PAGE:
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How Often Should You Calibrate Your Scales?

Ted Kopczynski

Weighing plays an integral part in a wide variety of industrial processes. A typical weighing system consists of a weight controller, a load sensor–based scale, and a programmable logic controller (PLC). To be reliable and accurate, weighing systems must be calibrated. But how often is enough?

Old weighing systems included dials and pivots, springs, counterbalances, or levers, which required constant maintenance. Today’s weighing systems, which consist of an electronic instrument and strain gauge–based transducers or load cells that move only a fraction of a millimeter with weight applied, should not require constant recalibration. The electronic PLC connected to the instrument consists of groupings of bits and bytes that require only well-written code.

Traditional scale calibration requires the use of Class F accuracy-certified weights (within 0.01% of denomination) that have a total weight of 80 to 100% of system capacity, at least three weights between 10 and 100% of system capacity to check the midrange, and several low-capacity weights that are equivalent to one or two instrument divisions.

Conditions for calibrating a process weighing system are often less than ideal. Many vessels lack a place for the required test weights. Also, it may not be possible to distribute the weights equally on the scale vessel. Some vessels are mounted high above the plant floor or in areas that offer limited accessibility. Still others have weight capacities far in excess of the available test weights. Multiple calibrations over time can also yield dissimilar results because different personnel use diverse calibration methods or different test weight quantities or because they place the weights at different locations on the scale. Error-prone calibration is the likely result. Yet users calibrate their electronic weighing systems monthly, weekly, daily, and—in some cases—at the beginning of every shift.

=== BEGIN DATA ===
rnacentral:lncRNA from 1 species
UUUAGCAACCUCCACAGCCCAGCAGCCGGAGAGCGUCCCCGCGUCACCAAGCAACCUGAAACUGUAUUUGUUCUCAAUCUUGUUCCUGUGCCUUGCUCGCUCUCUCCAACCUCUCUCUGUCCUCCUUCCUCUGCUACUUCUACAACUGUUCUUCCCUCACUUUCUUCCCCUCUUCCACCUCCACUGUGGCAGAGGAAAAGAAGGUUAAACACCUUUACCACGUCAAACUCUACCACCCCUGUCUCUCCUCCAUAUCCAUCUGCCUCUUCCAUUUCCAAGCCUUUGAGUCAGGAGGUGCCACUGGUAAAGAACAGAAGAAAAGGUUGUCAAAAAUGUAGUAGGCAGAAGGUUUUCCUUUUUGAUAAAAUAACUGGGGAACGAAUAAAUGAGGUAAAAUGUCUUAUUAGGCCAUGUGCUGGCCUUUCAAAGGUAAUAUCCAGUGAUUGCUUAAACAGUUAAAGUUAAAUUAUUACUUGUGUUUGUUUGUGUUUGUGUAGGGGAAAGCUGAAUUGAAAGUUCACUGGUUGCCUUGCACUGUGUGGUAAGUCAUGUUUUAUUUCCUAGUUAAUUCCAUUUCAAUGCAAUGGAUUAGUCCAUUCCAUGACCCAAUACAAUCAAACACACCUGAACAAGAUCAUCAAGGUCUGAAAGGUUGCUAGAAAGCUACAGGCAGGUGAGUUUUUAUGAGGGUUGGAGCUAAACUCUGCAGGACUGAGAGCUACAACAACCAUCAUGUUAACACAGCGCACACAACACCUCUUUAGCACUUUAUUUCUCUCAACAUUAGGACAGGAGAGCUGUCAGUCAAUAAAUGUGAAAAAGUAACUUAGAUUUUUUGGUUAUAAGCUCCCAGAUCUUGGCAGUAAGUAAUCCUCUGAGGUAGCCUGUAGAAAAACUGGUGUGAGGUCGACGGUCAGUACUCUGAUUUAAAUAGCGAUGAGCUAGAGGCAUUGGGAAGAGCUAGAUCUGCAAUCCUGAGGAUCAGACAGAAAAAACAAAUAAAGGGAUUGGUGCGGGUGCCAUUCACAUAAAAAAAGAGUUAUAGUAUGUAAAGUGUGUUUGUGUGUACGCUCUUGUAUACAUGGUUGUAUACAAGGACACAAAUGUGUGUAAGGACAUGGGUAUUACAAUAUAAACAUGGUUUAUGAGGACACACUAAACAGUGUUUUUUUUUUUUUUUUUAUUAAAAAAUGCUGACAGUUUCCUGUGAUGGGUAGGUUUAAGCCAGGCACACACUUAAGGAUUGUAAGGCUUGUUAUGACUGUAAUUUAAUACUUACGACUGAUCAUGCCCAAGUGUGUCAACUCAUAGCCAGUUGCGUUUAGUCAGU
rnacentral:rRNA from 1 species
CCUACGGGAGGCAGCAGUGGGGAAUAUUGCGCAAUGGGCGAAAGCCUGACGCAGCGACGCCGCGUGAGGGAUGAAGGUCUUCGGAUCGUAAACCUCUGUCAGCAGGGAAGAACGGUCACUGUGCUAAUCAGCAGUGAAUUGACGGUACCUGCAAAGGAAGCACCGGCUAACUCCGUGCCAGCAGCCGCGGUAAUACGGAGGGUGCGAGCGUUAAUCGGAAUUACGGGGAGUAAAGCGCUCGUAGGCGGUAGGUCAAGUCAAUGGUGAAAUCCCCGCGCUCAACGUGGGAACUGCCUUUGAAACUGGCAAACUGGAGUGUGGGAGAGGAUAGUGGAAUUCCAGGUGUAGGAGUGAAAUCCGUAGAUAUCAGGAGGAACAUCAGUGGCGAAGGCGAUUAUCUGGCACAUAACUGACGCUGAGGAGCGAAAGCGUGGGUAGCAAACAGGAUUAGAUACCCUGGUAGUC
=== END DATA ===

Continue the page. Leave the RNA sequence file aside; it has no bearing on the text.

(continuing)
If a scale with quality components requires regular recalibration, it should undergo troubleshooting. In such cases, scale verification, not recalibration, is required. By adding a known weight to the scale during verification, the user ensures that it weighs correctly. No parameters are changed. Scale verification is unrelated to calibration. Whether calibration occurs electronically or with test weights, scale verification is necessary. While it requires the use of a calibrated test weight, it does not call for the 80 to 100% of capacity that is needed for calibration. For most scale applications with capacities up to 10,000 lb, 50 to 300 lb of calibrated test weights are sufficient.

Simple verification is written into a company’s ISO procedure outlining how often it must be performed and what it consists of. This procedure may involve the following steps: Step 1—A proper weight’s readings should be verified with test weights by adding and then removing the weights. Step 2—If the scale is within operating specifications, nothing is required but documentation of the results. Step 3—If the scale is outside operating specifications, recalibration should not be performed. Instead, the source of the problem should be sought. Recalibrating only masks the weight-reading error. Thus, unless the scale is fixed, recalibration will be required constantly.

Random scale errors can occur when the piping is improper; when a bag, ladder, or pallet leans against the scale; when material has built up beneath the platform scale or load cells; when pressure has changed in other than a horizontal hose from the dead to the live side of the scale; when an electrical connection is faulty; when moisture is present in the junction box; when flexures are broken or bent; or when low-cost or poorly designed weighing components are used.

Typical calibrations use only 10 to 20% of scale capacity and are used to calibrate the scale to follow a linear line. Accuracy is generally ensured at only two points: zero and span. Verification ensures that the scale is within tolerance and offers repeatable results. If your scale is out of tolerance, don’t recalibrate it. Find the underlying problem and fix it.

Ted Kopczynski is product marketing manager at Hardy Instruments (San Diego), a leading designer and manufacturer of process weighing, tension control, and vibration-monitoring equipment. He received a BS in electrical engineering from San Diego State University and an MBA from National University in San Diego. He has more than 20 years of experience in process weighing.